Mr. Coad returned with the troops to the camp on Lawrence’s Fork, arriving there at two o’clock in the morning. The temperature that night was thirty degrees below zero, and the troops suffered terribly from the extreme cold during their march. After arriving in the timber and getting something to eat, all turned in in their blankets and rested until daylight the next morning. As soon as breakfast was disposed of, the command started on their return march, crossed the divide which they had travelled over the previous night, and at three o’clock in the morning reached Pole Creek, where they rested until daylight. As soon as the day dawned they started south, endeavouring to find the trail of the Indians. The weather was extremely cold, the thermometer ranging about thirty degrees below zero. In the afternoon, while on the divide, the snow being very deep, the command was completely lost, and wandered aimlessly for several hours, not knowing which course to take. Finally, when it was nearly dark, they came within sight of Pole Creek, immediately recognized the locality, and were saved.
At night, after travelling all the next day, they reached a ranch about thirty-five miles west of Julesburg, where they stopped and were made comfortable. It was discovered, after the command had thawed out, that out of thirty-six men thirty were more or less frozen; some had frozen noses, some their ears, some their toes, and two had suffered so badly their feet had to be amputated. On the following day an ambulance arrived from Julesburg, to bring in the men who were in the worst condition. Those who were able mounted their horses and reached the post all right.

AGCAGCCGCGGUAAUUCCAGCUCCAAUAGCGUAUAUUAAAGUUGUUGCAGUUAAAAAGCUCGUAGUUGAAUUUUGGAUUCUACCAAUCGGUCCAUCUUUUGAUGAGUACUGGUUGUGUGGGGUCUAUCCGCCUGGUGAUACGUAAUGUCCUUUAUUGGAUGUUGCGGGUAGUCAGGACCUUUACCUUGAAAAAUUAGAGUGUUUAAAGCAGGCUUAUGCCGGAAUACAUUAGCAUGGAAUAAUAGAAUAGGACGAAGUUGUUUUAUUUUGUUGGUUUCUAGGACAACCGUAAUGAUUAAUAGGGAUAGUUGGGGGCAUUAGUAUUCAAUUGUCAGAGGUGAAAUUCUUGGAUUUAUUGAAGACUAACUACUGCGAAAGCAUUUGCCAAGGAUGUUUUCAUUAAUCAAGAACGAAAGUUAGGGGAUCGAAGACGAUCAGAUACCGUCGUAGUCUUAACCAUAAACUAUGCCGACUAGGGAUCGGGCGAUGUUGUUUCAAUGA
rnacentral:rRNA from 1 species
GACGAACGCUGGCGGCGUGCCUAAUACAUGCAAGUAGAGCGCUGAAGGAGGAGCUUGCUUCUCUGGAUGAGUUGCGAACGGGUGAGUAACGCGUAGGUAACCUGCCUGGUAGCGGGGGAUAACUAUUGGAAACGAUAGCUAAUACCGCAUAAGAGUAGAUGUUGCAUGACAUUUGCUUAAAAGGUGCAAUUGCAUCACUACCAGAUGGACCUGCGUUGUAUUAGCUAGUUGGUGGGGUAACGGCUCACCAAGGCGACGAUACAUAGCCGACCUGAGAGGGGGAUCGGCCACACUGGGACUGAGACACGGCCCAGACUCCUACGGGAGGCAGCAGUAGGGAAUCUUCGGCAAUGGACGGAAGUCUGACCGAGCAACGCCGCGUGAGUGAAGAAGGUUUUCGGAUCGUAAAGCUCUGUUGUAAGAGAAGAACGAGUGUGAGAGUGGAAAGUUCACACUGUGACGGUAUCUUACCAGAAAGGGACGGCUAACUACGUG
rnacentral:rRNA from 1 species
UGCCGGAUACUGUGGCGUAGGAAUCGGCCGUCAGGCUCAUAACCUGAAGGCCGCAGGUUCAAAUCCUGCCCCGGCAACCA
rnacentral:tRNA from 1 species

During those early years, before the growth of the great states beyond the Missouri, a mighty stream of immigration rushed onward to the unknown, illimitable West. Its pathway was strewn with innumerable graves of men, women, and little children. Silence and oblivion have long since closed over them forever, and no one can tell the sad story of their end, or even where they lay down. Occasionally, however, the traveller comes across a spot where some of these brave pioneers succumbed to death. One of the most noted of these may be seen about two miles from the town of Gering, on the Old Trail, in what is now known as Scott’s Bluffs County, Nebraska. Around the lonely grave was fixed a wagon-tire, and on it rudely scratched the name of the occupant of the isolated sepulchre, “Rebecca Winter,” and the date, 1852. The tire remains as it was originally placed, and, as if to immortalize the sad fate of the woman, many localities in the vicinity derive their names from that on the rusty old wagon tire: “Winter Springs,” “Winter Creek Precinct,” and the “Winter Creek Irrigation Company”!